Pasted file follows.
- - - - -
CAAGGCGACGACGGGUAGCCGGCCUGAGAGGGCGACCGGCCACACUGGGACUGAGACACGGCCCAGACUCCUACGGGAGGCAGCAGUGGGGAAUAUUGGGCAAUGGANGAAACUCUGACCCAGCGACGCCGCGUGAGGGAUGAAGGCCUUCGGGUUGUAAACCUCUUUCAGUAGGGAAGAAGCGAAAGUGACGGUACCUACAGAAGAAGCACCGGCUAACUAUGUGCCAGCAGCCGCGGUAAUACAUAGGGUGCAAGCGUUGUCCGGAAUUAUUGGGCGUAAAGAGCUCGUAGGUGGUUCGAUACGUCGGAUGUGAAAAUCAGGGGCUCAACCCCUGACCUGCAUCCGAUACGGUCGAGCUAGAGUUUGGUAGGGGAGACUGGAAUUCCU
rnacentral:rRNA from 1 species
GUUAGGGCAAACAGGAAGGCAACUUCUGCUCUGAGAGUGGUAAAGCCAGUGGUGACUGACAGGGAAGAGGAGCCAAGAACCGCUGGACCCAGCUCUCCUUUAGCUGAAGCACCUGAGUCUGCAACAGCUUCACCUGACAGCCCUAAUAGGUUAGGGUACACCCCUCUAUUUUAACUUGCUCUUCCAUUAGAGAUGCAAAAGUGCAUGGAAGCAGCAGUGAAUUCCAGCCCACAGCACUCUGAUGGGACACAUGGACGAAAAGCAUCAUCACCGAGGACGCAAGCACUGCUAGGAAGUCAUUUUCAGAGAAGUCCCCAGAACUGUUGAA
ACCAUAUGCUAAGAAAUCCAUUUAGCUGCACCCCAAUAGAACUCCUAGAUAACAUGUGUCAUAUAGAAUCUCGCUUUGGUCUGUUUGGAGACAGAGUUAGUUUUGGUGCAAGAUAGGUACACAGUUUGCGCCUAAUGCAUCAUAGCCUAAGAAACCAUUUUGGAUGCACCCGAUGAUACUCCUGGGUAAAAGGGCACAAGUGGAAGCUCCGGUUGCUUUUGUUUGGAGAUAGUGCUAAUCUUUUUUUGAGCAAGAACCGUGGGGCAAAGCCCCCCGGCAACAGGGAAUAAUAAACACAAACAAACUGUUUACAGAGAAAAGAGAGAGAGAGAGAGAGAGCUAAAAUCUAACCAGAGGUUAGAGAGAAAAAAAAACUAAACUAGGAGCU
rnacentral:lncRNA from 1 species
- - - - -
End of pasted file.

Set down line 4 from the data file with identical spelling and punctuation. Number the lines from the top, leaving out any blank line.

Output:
ACCAUAUGCUAAGAAAUCCAUUUAGCUGCACCCCAAUAGAACUCCUAGAUAACAUGUGUCAUAUAGAAUCUCGCUUUGGUCUGUUUGGAGACAGAGUUAGUUUUGGUGCAAGAUAGGUACACAGUUUGCGCCUAAUGCAUCAUAGCCUAAGAAACCAUUUUGGAUGCACCCGAUGAUACUCCUGGGUAAAAGGGCACAAGUGGAAGCUCCGGUUGCUUUUGUUUGGAGAUAGUGCUAAUCUUUUUUUGAGCAAGAACCGUGGGGCAAAGCCCCCCGGCAACAGGGAAUAAUAAACACAAACAAACUGUUUACAGAGAAAAGAGAGAGAGAGAGAGAGAGCUAAAAUCUAACCAGAGGUUAGAGAGAAAAAAAAACUAAACUAGGAGCU